Even with a sufficiency level of 30 ng/mL, 97 percent of African-Americans and 90 percent of Mexican-Americans are deficient in this crucial nutrient, which places them at increased risk of chronic disease. Remember it is best to optimize your vitamin D levels with sunshine, NOT oral supplements.
How Much Vitamin D Can You Make and When?
Our skin pigmentations are linked to ancestral latitudinal proximities that optimized our ancestors’ skin for sun exposure. The further from the equator our ancestors lived, the lighter their skin, allowing them to biologically maximize the limited availability of the sun, and UV light specifically.
Remember: Your body produces vitamin D through exposure to UVB light. For those living in northern latitudes, this may only be an option for a few short months each year. As a general rule, you have to live below 22 degrees’ latitude if you want to produce any vitamin D at all during the winter. The charts below display the likelihood of vitamin D synthesis across the U.S. by month.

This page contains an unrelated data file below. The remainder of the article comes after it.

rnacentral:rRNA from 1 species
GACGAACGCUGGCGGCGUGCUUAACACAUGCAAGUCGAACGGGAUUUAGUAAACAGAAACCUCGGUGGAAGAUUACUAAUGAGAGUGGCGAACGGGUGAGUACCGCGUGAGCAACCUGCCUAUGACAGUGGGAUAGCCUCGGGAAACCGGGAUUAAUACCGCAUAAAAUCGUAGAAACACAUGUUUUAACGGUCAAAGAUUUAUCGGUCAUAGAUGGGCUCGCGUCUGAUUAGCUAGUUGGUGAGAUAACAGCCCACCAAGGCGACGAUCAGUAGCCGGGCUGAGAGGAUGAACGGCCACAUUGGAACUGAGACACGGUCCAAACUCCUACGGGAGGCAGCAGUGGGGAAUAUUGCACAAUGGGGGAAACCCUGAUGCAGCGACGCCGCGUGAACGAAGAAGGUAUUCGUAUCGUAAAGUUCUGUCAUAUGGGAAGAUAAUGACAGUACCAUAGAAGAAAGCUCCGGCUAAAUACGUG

Prioritizing Nonlethal Melanoma Over Heart Disease, Internal Cancers and All-Cause Mortality Is Ill-Advised
For decades, the concern over skin cancer, most of which are nonlethal, has taken the front seat. As a result, other far more serious chronic health conditions such as depression, heart disease and internal cancers that claim far more lives than melanoma have been allowed to proliferate. It’s high time we straighten our priorities.